On June 29, the U.S. House of Representatives’ Oversight and Reform Committee approved two pieces of legislation that aim to bolster the system of protections for federal employee whistleblowers. The committee voted to approve both the Whistleblower Protection Improvement Act (WPIA) and the Merit Systems Protection Board Empowerment Act of 2021.
The WPIA was introduced on May 4 by a bipartisan group of U.S. Representatives. It addresses a number of shortcomings with the Whistleblower Protection Act (WPA), the main law offering whistleblower protections to federal employees.
The most notable of the reforms that the WPIA includes is granting federal employee whistleblowers access to jury trials in federal courts. Currently, federal employees’ whistleblower retaliation claims are exclusively heard by the Merit Systems Protection Board (MSPB), a quasi-judicial federal agency chaired by Presidential appointees. The WPIA allows whistleblowers to pursue their retaliation claims in federal court if the MSPB does not issue a ruling within 180 days.
This change is particularly relevant because currently, the MSPB is in crisis due to a years-long lack of quorum on the Board. The Board has been without the two members needed for a quorum since January 8, 2017. It has thus not been able to issue any final rulings on federal whistleblower retaliation cases in over four years. According to the MSPB, there was a backlog of 3,290 cases at the agency at the end of May.
Even before the current MSPB crisis, whistleblower advocates have been fighting for court access for federal employees for decades. “Without court access, federal employee whistleblower rights are non-existent,” says whistleblower attorney Stephen M. Kohn of Kohn, Kohn & Colapinto. “The MSPB administrative process, even before the current crisis brought on by the lack of quorum, was criticized by every major whistleblower advocacy group in the nation. Federal employee whistleblowers need what other whistleblower laws provide, access to federal court and independent judges.”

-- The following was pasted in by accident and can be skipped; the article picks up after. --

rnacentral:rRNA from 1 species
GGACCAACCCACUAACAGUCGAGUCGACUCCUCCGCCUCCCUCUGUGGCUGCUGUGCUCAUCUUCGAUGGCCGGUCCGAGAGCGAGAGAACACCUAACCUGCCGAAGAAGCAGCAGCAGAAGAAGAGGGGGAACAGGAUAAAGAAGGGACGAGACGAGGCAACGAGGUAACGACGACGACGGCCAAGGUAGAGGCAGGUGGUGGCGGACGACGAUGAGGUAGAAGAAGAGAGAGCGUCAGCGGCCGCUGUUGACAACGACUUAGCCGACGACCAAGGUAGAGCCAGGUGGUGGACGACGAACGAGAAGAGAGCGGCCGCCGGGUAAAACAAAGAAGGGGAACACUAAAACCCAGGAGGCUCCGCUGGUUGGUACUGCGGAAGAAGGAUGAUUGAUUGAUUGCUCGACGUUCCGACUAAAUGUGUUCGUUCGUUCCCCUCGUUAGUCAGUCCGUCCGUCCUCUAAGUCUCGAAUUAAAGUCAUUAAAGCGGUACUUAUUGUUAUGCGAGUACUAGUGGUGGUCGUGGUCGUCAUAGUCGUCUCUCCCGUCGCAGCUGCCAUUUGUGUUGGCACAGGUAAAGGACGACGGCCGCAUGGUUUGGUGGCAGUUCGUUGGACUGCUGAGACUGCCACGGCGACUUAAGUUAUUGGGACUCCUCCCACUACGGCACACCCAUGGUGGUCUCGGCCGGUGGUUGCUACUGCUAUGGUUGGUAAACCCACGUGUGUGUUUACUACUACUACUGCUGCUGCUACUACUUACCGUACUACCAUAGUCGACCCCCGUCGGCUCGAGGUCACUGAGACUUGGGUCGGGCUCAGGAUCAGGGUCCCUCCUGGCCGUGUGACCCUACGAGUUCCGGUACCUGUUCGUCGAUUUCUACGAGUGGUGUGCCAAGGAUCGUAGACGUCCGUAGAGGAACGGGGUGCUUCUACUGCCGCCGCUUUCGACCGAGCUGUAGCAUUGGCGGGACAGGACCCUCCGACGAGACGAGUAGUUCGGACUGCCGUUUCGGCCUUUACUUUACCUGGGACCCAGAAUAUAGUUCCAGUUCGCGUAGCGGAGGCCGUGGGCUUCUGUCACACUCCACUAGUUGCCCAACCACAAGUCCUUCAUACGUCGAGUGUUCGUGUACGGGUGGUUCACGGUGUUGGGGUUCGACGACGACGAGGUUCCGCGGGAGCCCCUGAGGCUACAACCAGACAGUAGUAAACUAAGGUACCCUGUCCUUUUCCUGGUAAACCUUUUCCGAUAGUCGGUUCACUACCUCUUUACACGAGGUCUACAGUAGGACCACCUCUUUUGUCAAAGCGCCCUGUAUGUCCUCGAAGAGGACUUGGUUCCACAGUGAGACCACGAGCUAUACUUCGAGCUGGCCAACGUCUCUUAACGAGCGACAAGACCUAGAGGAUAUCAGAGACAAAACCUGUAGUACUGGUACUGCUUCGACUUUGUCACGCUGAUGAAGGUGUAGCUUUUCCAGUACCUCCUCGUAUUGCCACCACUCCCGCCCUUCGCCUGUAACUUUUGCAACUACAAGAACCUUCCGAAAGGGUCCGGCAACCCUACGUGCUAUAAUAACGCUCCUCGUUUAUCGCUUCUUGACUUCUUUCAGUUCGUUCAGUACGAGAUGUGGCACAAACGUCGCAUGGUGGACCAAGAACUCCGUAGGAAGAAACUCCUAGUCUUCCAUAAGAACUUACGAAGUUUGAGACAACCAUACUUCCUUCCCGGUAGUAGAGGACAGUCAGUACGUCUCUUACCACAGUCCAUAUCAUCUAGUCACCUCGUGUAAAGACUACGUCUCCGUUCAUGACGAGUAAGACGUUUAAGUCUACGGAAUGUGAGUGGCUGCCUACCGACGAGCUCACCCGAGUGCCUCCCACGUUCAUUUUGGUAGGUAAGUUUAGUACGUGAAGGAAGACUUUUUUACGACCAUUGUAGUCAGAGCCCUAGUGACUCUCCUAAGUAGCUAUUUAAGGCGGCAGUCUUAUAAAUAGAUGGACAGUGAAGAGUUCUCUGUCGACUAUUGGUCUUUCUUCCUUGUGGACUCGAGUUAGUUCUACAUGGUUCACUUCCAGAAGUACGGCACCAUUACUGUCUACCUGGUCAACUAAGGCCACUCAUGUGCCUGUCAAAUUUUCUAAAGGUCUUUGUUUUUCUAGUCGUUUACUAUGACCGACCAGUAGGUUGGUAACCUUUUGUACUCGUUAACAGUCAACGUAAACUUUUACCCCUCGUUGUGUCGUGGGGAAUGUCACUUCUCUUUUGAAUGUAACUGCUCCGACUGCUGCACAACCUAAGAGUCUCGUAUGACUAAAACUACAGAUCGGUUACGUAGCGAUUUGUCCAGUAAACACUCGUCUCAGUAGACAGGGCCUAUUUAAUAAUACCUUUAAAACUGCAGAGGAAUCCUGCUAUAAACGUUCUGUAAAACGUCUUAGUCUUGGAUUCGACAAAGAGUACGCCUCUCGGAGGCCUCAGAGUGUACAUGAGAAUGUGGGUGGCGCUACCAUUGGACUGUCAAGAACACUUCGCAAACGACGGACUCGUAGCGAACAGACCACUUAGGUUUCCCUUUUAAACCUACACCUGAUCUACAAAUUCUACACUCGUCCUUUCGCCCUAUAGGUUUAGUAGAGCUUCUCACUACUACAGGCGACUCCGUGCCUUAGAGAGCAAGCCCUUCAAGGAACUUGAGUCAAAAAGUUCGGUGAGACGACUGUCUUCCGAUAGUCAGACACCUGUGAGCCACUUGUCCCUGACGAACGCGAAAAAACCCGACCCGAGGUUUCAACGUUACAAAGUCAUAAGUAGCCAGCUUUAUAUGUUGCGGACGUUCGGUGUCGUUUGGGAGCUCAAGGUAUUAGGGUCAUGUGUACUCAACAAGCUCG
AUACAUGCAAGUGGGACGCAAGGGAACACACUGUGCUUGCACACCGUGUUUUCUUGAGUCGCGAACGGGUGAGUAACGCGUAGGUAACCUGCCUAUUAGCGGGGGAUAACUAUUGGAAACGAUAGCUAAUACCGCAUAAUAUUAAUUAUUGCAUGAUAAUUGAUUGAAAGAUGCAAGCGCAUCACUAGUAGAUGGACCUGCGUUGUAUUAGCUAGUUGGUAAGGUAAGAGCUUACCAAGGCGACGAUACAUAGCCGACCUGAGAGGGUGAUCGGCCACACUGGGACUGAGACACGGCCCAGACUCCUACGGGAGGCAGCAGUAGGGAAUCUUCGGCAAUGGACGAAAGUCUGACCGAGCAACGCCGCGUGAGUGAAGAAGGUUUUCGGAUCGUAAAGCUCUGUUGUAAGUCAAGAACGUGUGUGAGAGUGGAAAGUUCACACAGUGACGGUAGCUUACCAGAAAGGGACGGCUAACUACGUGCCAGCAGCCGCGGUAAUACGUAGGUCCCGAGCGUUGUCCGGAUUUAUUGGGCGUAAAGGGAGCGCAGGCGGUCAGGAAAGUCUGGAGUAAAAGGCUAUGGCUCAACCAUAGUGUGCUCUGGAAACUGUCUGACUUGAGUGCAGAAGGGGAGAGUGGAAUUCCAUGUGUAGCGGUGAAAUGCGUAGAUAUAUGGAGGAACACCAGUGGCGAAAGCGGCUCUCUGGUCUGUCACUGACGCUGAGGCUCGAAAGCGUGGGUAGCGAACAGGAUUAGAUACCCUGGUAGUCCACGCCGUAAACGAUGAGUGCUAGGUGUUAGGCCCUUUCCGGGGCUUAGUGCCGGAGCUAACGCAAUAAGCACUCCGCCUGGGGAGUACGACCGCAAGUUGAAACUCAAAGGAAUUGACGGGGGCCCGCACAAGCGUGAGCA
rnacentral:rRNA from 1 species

The WPIA contains a number of other reforms to the WPA. It prohibits federal agencies from launching retaliatory investigations against whistleblowers, clarifies that no federal employee — including the President — may interfere with a whistleblower who provides information to Congress, and provides federal whistleblowers the timely opportunity to obtain temporary relief. The bill also expands the WPA to cover non-career Senior Executive Service and Public Health Service employees.
“Federal whistleblowers provide critical information on government corruption and wrongdoing, including by providing information to Congress. Their disclosures safeguard taxpayer dollars, improve federal programs, and save lives,” said Representative Carolyn Maloney (D-NY), the Chairwoman of the Committee on Oversight and Reform, in a statement about the Committee’s approval of the WPIA. Maloney, one of the Representatives who introduced the bill, added: “The Whistleblower Protection Improvement Act would make long overdue reforms to ensure that whistleblowers are protected from retaliation and to provide equitable remedies when whistleblowers do face retaliation.”
The Merit Systems Protection Board Empowerment Act of 2021 was introduced by Representative Gerald Connolly (D-VA) on February 23. The bill, which is endorsed by the National Whistleblower Center, reauthorizes the MSPB through 2026. It also requires administrative judges and other MSPB officials to undergo whistleblower engagement training and expands the Board’s research and study authority.
Representative Connolly, the Chairman of the Subcommittee on Government Operations, introduced the bill during a hearing on “Revitalizing the Federal Workforce.” At the onset of the hearing, Representative Connolly explained that “we want to strengthen whistleblower protections to empower those who see wrongdoing to come forward without fear.”
Both bills will now proceed to the whole House for a vote.